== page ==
Everyone has a different way of grieving but there are some common stages and feelings during this period. We at PRC Clifton Karachi psycho-educate our clients and help them deal with the process in a healthy way.

There are generally five stages or phases of grief which are as follows:

·       DENIAL

Usually, the first response to loss is shock and not believing, not accepting the reality in order to minimize the emotional pain. It is difficult and extremely painful so the person just wants to believe that the loss has not happened; processing the loss is not easy, so denying it would make a person cope with the overwhelming emotions. It is a temporary phase and after that healing from the pain will start.

·       ANGER

When a person tries to accept reality, he/she may feel this common emotion of being angry. He/she thought and questioned why this happened to him/her. It is absolutely normal in the grieving state and the person is not mentally sick. Sometimes, the person him/herself is confused too that why he/she is becoming angry about little things or without any obvious reason. Some people openly express their anger and it is an emotional outlet for them. Some people do not express their anger as being angry is not acceptable in many cultures or families. Those who do not express their pain through anger might start to resent the person who is no more with them. This may lead to guilt, crying, anxiety, or bitterness. Due to this, a person isolates him/herself from others who might want to comfort him/her. Everyone takes their own time in healing and moving toward the next stage of acceptance.


It is the negotiation phase where a grieving person tries to deal with God or people around them that he/she will become a good person if the loss will be reversed or it must be a bad dream only. Some people pray that he/she would do anything like not be angry anymore if the current pain will be gone. Some people will try to make offers or deals that he/she will leave the bad habits if the other person will stay or not leave him/her. It takes some time to realize the painful helplessness that nothing could be done now to get back the person who has died or gone. He/she will never come back.


When the reality hits hard that a person has lost someone precious, then they become depressed. It is a phase or stage in the grief process. It is not real clinical depression. In this stage, the grieving person becomes socially isolated and deals with the overwhelming emotion of sadness. In this stage the emptiness is overwhelming and the person becomes weak or feels a lot of fatigue. It is the emotional drainage. The person feels the void much more now than in any other stage of grief. All of this is very tiring but it is temporary. The person slowly and gradually moved toward the acceptance stage.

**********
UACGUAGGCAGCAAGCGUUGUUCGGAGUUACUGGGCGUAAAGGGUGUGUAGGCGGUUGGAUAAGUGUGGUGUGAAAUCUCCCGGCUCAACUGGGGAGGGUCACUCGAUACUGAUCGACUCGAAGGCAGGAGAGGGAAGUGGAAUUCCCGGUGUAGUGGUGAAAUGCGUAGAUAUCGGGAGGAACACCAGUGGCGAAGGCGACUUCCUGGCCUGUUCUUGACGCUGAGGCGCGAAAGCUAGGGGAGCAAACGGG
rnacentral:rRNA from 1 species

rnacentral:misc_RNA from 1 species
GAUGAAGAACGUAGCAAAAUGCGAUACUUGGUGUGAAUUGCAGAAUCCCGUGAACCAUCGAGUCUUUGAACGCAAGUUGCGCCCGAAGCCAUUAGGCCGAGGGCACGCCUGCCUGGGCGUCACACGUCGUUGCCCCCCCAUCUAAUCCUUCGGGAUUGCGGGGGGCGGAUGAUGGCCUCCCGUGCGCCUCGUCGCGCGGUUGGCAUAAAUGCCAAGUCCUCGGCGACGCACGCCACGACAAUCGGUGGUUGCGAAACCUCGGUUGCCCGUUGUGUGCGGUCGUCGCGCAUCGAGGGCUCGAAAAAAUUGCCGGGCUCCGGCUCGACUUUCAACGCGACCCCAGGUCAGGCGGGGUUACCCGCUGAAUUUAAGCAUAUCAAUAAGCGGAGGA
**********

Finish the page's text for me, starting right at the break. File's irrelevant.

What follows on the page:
It is the last stage of the grief process where one accepts reality. It does not mean that the pain is gone. Pain is there but the person has moved on with his or her life. Memories cannot be deleted but those memories do not let the person stops living his or her life normally. Accepting this reality of losing someone is no doubt painful but by the end of the grief process, one becomes okay. The person becomes a new person with a lot of personal growth.

The order of the stages could be different for each individual and not everyone goes through all these 5 stages. As it is a unique experience for everyone, so they may or may not go through all stages. Some might experience all 5 stages and for others, only 3 or 4 stages are all that complete their process of grief. This process is overwhelming and difficult for the people who are going through it. But it’s absolutely a normal process.

If you need help with someone who is going through the grief process, you can always come to PRC Rehabilitation Center for counseling. Parvarish Recovery Center is basically an addiction and psychiatric rehab center but we also deal with other mental and emotional issues. For our full range of services feel free to call us at 0341-1959599 or visit our treatment rehabilitation centers.